Wednesday, April 18, 2007

Baghdad, Virginia

Metro Baghdad and the Commonwealth of Virginia have about the same population, somewhere between 7 and 8 million people. As has been pointed out on the internets (f'r instance, here, here and here), Baghdad suffers death and mayhem on the order of a Virginia Tech Massacre every day.

Of course, the VTM has dominated the news all week, with 96-point headlines and special interactive features. The president stopped by the campus and gave a good, short speech. All kinds of local stuff was cancelled, the football team stopped practicing, and even the Congressional testimony of Alberto Gonzales was postponed for two days. Plus, of course, there are 32 funerals to plan.

Why can't the media focus on some good news? Surely there was a school painted somewhere in the Old Dominion recently. Putting Cho Seung-Hui on every front page and at the top of every newscast sends the message that violence and terror are winning the day.

Let's try a little word game. I've removed a few closely-related terms from the following news account:

BLACKSBURG, Va., April 16 -- An outburst of [blank] at a Virginia Tech dormitory, followed two hours later by a ruthless string of attacks at a classroom building, killed 32 students, faculty and staff and left about 30 others injured yesterday in the deadliest [blank] rampage in the nation's history.

The [blank], whose name was not released last night, wore bluejeans, a blue jacket and a vest holding [blank], witnesses said. He carried a [blank] and a [blank], both with the serial numbers obliterated, federal law enforcement officials said. Witnesses described the [blank] as a young man of Asian descent -- a silent killer who was calm and showed no expression as he pursued and [blank] his victims. He killed himself as police closed in.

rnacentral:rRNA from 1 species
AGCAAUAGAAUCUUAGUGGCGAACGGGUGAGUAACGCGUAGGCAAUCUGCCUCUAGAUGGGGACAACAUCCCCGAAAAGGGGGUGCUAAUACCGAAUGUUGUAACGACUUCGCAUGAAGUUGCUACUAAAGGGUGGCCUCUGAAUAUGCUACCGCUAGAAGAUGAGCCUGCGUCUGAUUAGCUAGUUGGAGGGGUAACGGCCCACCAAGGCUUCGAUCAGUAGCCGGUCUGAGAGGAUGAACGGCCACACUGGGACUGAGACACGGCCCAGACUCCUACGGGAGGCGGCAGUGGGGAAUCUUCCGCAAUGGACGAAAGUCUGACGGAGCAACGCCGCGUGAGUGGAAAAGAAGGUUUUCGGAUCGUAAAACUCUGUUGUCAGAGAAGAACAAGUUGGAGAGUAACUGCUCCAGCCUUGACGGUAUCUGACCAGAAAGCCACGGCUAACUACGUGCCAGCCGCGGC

He had left two dead at the dormitory and 30 more at a science and engineering building, where he executed people taking and teaching classes after chaining some doors shut behind him. At one point, he [blank] at a custodian who was helping a victim. Witnesses described scenes of chaos and grief, with students jumping from second-story windows to escape [blank] and others blocking their classroom doors to keep the [blank] away.
...

The [blank] barged in with two [blank], [blank] the professor in the head, then started [blank] students, Perkins said.

Panic ensued, he said. "And the [blank] seemed like it lasted forever."

The [blank] left Room 207 and tried to return several minutes later, but Perkins and two other students had blocked the door with their feet. He [blank] through the door.

Gee, without those missing words, what did he kill all those people, and himself, with?

Of course, the deleted words are all variations of gun and shoot. (For the record, they are, in order: gunfire, shooting, shooter, ammunition, 9mm semiautomatic, .22-caliber handgun, shooter, shot, shot, gunfire, gunman, gunman, guns, shot, shooting, shots, gunman, shot.) Without a gun and a ready supply of ammo, Cho Seung-Hui is just another disturbed loner ranting about all the poseurs and phonies in his creative writing class.

OK, you can take all the gun references out of a newspaper article, but you can't take all the guns out of society. Guns are here to stay. You can't wish them away. (Yes, it's true -- even I have one.) But all guns are not created equal, nor should they be treated equally.